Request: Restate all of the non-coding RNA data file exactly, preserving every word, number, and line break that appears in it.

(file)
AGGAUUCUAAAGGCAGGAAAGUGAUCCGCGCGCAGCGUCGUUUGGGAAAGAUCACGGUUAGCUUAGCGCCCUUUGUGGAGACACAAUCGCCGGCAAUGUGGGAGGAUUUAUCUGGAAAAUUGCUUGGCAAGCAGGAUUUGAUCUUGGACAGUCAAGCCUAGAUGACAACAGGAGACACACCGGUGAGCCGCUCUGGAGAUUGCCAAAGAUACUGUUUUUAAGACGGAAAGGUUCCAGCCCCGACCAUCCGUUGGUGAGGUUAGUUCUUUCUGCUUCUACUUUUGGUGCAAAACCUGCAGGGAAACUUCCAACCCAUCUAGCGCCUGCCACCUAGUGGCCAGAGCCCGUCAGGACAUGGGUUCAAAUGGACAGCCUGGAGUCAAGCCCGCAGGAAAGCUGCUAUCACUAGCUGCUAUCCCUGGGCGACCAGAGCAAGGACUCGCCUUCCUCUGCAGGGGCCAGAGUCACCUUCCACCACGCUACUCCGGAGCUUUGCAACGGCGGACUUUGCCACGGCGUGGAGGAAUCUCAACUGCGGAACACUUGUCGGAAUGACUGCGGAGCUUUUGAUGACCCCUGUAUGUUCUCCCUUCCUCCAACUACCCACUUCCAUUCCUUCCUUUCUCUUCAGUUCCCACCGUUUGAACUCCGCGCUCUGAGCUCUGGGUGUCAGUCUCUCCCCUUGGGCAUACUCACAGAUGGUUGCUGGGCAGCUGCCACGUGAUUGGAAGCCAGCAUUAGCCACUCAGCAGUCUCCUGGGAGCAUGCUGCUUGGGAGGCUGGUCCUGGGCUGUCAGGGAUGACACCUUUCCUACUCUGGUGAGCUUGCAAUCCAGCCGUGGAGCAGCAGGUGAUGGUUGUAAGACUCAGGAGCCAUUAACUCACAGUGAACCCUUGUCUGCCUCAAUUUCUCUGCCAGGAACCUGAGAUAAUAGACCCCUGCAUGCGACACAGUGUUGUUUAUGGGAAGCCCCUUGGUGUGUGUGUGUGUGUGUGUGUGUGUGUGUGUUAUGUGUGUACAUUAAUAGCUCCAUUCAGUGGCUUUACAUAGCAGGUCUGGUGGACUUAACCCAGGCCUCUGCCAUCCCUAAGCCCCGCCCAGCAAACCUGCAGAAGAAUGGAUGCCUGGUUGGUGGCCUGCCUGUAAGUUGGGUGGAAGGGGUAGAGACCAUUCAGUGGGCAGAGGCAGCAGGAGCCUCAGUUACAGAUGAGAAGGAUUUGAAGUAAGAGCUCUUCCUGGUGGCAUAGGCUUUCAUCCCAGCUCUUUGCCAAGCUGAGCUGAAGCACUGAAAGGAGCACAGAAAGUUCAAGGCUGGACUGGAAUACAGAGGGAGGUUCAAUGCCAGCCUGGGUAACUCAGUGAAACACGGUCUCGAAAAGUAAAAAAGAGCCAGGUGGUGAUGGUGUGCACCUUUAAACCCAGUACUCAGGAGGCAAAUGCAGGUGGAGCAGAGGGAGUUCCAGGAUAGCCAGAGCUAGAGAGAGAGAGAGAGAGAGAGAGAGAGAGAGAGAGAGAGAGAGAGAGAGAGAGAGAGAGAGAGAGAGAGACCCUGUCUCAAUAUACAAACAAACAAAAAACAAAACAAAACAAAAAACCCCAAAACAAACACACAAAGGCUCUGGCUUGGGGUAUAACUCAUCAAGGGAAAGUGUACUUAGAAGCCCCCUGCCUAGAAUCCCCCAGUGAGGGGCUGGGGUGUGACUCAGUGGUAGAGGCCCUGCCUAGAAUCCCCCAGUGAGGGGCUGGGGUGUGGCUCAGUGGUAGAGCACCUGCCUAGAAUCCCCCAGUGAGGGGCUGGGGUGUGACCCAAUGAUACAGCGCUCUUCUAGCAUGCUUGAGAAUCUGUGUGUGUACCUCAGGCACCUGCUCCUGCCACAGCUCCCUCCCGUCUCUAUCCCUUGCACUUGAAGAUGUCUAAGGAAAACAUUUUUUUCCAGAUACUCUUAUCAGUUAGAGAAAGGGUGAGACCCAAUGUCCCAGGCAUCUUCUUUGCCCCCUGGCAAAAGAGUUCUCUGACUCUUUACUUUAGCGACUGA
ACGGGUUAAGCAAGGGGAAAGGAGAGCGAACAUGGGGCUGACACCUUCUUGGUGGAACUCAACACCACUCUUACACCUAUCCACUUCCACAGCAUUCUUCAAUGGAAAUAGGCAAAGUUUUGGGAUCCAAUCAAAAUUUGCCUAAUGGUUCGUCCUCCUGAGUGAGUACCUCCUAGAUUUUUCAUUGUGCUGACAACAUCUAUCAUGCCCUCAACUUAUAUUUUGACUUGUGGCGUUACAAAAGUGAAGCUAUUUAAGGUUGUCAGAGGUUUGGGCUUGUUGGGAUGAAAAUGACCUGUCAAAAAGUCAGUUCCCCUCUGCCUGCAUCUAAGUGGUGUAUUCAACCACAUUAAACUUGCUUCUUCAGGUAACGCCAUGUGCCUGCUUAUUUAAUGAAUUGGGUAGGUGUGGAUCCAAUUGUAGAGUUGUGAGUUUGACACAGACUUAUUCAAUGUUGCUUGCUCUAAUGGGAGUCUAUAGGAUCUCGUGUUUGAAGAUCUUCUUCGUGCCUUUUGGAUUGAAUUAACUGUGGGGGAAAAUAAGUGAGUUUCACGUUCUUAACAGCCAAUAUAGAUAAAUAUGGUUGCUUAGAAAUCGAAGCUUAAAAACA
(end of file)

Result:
AGGAUUCUAAAGGCAGGAAAGUGAUCCGCGCGCAGCGUCGUUUGGGAAAGAUCACGGUUAGCUUAGCGCCCUUUGUGGAGACACAAUCGCCGGCAAUGUGGGAGGAUUUAUCUGGAAAAUUGCUUGGCAAGCAGGAUUUGAUCUUGGACAGUCAAGCCUAGAUGACAACAGGAGACACACCGGUGAGCCGCUCUGGAGAUUGCCAAAGAUACUGUUUUUAAGACGGAAAGGUUCCAGCCCCGACCAUCCGUUGGUGAGGUUAGUUCUUUCUGCUUCUACUUUUGGUGCAAAACCUGCAGGGAAACUUCCAACCCAUCUAGCGCCUGCCACCUAGUGGCCAGAGCCCGUCAGGACAUGGGUUCAAAUGGACAGCCUGGAGUCAAGCCCGCAGGAAAGCUGCUAUCACUAGCUGCUAUCCCUGGGCGACCAGAGCAAGGACUCGCCUUCCUCUGCAGGGGCCAGAGUCACCUUCCACCACGCUACUCCGGAGCUUUGCAACGGCGGACUUUGCCACGGCGUGGAGGAAUCUCAACUGCGGAACACUUGUCGGAAUGACUGCGGAGCUUUUGAUGACCCCUGUAUGUUCUCCCUUCCUCCAACUACCCACUUCCAUUCCUUCCUUUCUCUUCAGUUCCCACCGUUUGAACUCCGCGCUCUGAGCUCUGGGUGUCAGUCUCUCCCCUUGGGCAUACUCACAGAUGGUUGCUGGGCAGCUGCCACGUGAUUGGAAGCCAGCAUUAGCCACUCAGCAGUCUCCUGGGAGCAUGCUGCUUGGGAGGCUGGUCCUGGGCUGUCAGGGAUGACACCUUUCCUACUCUGGUGAGCUUGCAAUCCAGCCGUGGAGCAGCAGGUGAUGGUUGUAAGACUCAGGAGCCAUUAACUCACAGUGAACCCUUGUCUGCCUCAAUUUCUCUGCCAGGAACCUGAGAUAAUAGACCCCUGCAUGCGACACAGUGUUGUUUAUGGGAAGCCCCUUGGUGUGUGUGUGUGUGUGUGUGUGUGUGUGUGUUAUGUGUGUACAUUAAUAGCUCCAUUCAGUGGCUUUACAUAGCAGGUCUGGUGGACUUAACCCAGGCCUCUGCCAUCCCUAAGCCCCGCCCAGCAAACCUGCAGAAGAAUGGAUGCCUGGUUGGUGGCCUGCCUGUAAGUUGGGUGGAAGGGGUAGAGACCAUUCAGUGGGCAGAGGCAGCAGGAGCCUCAGUUACAGAUGAGAAGGAUUUGAAGUAAGAGCUCUUCCUGGUGGCAUAGGCUUUCAUCCCAGCUCUUUGCCAAGCUGAGCUGAAGCACUGAAAGGAGCACAGAAAGUUCAAGGCUGGACUGGAAUACAGAGGGAGGUUCAAUGCCAGCCUGGGUAACUCAGUGAAACACGGUCUCGAAAAGUAAAAAAGAGCCAGGUGGUGAUGGUGUGCACCUUUAAACCCAGUACUCAGGAGGCAAAUGCAGGUGGAGCAGAGGGAGUUCCAGGAUAGCCAGAGCUAGAGAGAGAGAGAGAGAGAGAGAGAGAGAGAGAGAGAGAGAGAGAGAGAGAGAGAGAGAGAGAGAGAGAGACCCUGUCUCAAUAUACAAACAAACAAAAAACAAAACAAAACAAAAAACCCCAAAACAAACACACAAAGGCUCUGGCUUGGGGUAUAACUCAUCAAGGGAAAGUGUACUUAGAAGCCCCCUGCCUAGAAUCCCCCAGUGAGGGGCUGGGGUGUGACUCAGUGGUAGAGGCCCUGCCUAGAAUCCCCCAGUGAGGGGCUGGGGUGUGGCUCAGUGGUAGAGCACCUGCCUAGAAUCCCCCAGUGAGGGGCUGGGGUGUGACCCAAUGAUACAGCGCUCUUCUAGCAUGCUUGAGAAUCUGUGUGUGUACCUCAGGCACCUGCUCCUGCCACAGCUCCCUCCCGUCUCUAUCCCUUGCACUUGAAGAUGUCUAAGGAAAACAUUUUUUUCCAGAUACUCUUAUCAGUUAGAGAAAGGGUGAGACCCAAUGUCCCAGGCAUCUUCUUUGCCCCCUGGCAAAAGAGUUCUCUGACUCUUUACUUUAGCGACUGA
ACGGGUUAAGCAAGGGGAAAGGAGAGCGAACAUGGGGCUGACACCUUCUUGGUGGAACUCAACACCACUCUUACACCUAUCCACUUCCACAGCAUUCUUCAAUGGAAAUAGGCAAAGUUUUGGGAUCCAAUCAAAAUUUGCCUAAUGGUUCGUCCUCCUGAGUGAGUACCUCCUAGAUUUUUCAUUGUGCUGACAACAUCUAUCAUGCCCUCAACUUAUAUUUUGACUUGUGGCGUUACAAAAGUGAAGCUAUUUAAGGUUGUCAGAGGUUUGGGCUUGUUGGGAUGAAAAUGACCUGUCAAAAAGUCAGUUCCCCUCUGCCUGCAUCUAAGUGGUGUAUUCAACCACAUUAAACUUGCUUCUUCAGGUAACGCCAUGUGCCUGCUUAUUUAAUGAAUUGGGUAGGUGUGGAUCCAAUUGUAGAGUUGUGAGUUUGACACAGACUUAUUCAAUGUUGCUUGCUCUAAUGGGAGUCUAUAGGAUCUCGUGUUUGAAGAUCUUCUUCGUGCCUUUUGGAUUGAAUUAACUGUGGGGGAAAAUAAGUGAGUUUCACGUUCUUAACAGCCAAUAUAGAUAAAUAUGGUUGCUUAGAAAUCGAAGCUUAAAAACA